Monday, February 4, 2008
The American people, having won in violent revolution their freedom from the tyranny of kings, quickly surrendered to the idea that certain families are destined to lead -- as long as we get to pick them.
Bush. Clinton. Bush. Clinton? While it would be extraordinary in our history for two families to occupy the Oval Office consecutively for decades, political dynasties are as American as mudslinging and pork.
Most precocious children can probably recite a few of the most assertive brand names in American history: the brilliant but cranky Adams family, the Roosevelts, Teddy and Franklin, the tragic and cinematic Kennedys. But these well-known repeats only begin to tell the tale of politicians advantaged by their kin.
While we in the age of "American Idol" may pretend to decry the idea of inherited favor, there are reasons why Hamilton Fish II, Hamilton Fish III and Hamilton Fish IV all served in Congress -- and one reason is Hamilton Fish I, the progenitor who served as U.S. representative, New York governor and U.S. senator. (The Fishes were in Congress, off and on, from 1845 to 1995, or put another way, from the invention of the rubber band to the founding of Yahoo.)
Political genes? You might think so looking at those persistent Frelinghuysens of New Jersey, who have put six Frelinghuysens in Congress (four senators, two representatives), including the current Rep. Rodney Frelinghuysen (R-N.J.). That is staying power.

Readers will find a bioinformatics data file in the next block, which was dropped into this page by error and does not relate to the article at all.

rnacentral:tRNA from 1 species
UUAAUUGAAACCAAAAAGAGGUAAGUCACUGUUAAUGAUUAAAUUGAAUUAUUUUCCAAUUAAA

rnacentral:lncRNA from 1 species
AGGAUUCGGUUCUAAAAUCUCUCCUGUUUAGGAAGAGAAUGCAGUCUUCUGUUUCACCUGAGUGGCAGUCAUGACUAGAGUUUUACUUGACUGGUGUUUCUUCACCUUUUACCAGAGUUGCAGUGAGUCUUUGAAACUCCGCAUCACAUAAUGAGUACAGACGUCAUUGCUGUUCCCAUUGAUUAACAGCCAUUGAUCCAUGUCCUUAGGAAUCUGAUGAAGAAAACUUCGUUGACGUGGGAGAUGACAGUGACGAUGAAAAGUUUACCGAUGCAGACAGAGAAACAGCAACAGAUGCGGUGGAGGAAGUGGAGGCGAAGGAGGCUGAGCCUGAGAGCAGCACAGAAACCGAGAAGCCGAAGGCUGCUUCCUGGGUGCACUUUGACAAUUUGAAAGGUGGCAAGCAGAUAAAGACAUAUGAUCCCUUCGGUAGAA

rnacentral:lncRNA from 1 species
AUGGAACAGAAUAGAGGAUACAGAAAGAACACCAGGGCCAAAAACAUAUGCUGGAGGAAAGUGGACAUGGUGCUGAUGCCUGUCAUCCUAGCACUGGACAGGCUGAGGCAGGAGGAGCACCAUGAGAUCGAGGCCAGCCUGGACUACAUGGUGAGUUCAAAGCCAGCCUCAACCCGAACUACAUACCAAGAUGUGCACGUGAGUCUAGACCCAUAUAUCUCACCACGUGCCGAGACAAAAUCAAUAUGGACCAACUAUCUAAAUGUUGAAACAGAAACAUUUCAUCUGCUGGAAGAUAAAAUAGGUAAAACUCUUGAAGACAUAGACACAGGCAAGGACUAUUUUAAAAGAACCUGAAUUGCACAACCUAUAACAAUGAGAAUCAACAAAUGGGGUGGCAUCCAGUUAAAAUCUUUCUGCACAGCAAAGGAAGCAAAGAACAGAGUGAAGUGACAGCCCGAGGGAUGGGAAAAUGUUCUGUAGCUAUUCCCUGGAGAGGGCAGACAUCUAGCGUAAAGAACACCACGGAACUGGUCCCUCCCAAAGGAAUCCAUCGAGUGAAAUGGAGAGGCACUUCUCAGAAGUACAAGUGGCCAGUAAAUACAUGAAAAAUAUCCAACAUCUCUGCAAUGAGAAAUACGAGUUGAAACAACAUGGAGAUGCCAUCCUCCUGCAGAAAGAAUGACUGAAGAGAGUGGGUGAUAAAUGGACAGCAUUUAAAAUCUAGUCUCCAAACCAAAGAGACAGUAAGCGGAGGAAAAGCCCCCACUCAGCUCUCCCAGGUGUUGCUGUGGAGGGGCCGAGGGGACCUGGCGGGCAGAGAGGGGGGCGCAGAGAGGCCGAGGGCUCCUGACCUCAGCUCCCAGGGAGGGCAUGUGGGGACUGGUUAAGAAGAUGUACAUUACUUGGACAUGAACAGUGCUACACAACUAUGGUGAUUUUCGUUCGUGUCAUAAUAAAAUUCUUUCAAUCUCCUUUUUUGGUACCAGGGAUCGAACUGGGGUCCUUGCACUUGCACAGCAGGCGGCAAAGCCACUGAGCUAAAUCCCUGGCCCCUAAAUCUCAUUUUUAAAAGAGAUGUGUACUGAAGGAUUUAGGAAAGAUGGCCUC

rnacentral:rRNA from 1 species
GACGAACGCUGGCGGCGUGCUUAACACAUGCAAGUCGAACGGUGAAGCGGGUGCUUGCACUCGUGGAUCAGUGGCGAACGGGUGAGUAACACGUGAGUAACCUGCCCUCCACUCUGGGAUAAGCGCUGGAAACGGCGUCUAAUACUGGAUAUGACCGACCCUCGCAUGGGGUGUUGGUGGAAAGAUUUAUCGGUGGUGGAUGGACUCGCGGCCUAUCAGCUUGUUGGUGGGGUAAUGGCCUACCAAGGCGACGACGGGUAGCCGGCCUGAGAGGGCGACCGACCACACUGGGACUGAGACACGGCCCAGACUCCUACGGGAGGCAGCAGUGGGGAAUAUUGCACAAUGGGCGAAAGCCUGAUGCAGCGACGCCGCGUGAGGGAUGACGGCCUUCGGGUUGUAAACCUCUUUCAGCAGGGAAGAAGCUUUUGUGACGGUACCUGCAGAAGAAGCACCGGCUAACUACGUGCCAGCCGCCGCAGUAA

So with the prospect of another family dynasty in the making -- for not only is Hillary Clinton the wife of a former president, but Mitt Romney is the son of a former Michigan governor and presidential candidate -- we dug out our high school textbooks and telephoned a few sage historians to ask: What gives?
A full 45 percent of the members of the first Congress in 1789 had a relative who was also serving, according to Pedro Dal Bó, professor of economics at Brown University and co-author of a study on congressional dynasties. "The number of members with relatives is too high to explain away by the relatively smaller population of the United States at the time," Bó says. Two hundred years later, 10 percent of Congress has a close relative who has also served in the House or Senate. And in case you're wondering, the phenomenon crosses party lines.
The evidence is all around us: the Gores, the Murkowskis, the Rockefellers, the Bakers, the Doles, the Bonos, the Meekses, the Dodds, the Tsongases, the Chafees. Speaker of the House Nancy Pelosi, the first woman to hold the position, is the daughter of former congressman Thomas D'Alesandro Jr.
"Some families are very good at politics. Perhaps it is a family trait," Dal Bó says. "Being in power makes it more likely you will have descendants in power. Being in Congress facilitates your relatives' entrance to Congress. Power begets power."
Stephen Hess, a historian at the Brookings Institution, first made his name as the author of the 1966 book "America's Political Dynasties," which begins with the fact that there have been 700 families with two or more members of Congress, and they account for 1,700 of the 10,000 men and women who have served in the House and Senate.
"Initially it was a question of who is best prepared to serve," Hess says. "Then over time it becomes a question of branding." The nation's first leaders were chosen from "the creme de le creme of the country," says Hess, as long as le creme were white Christian males with property.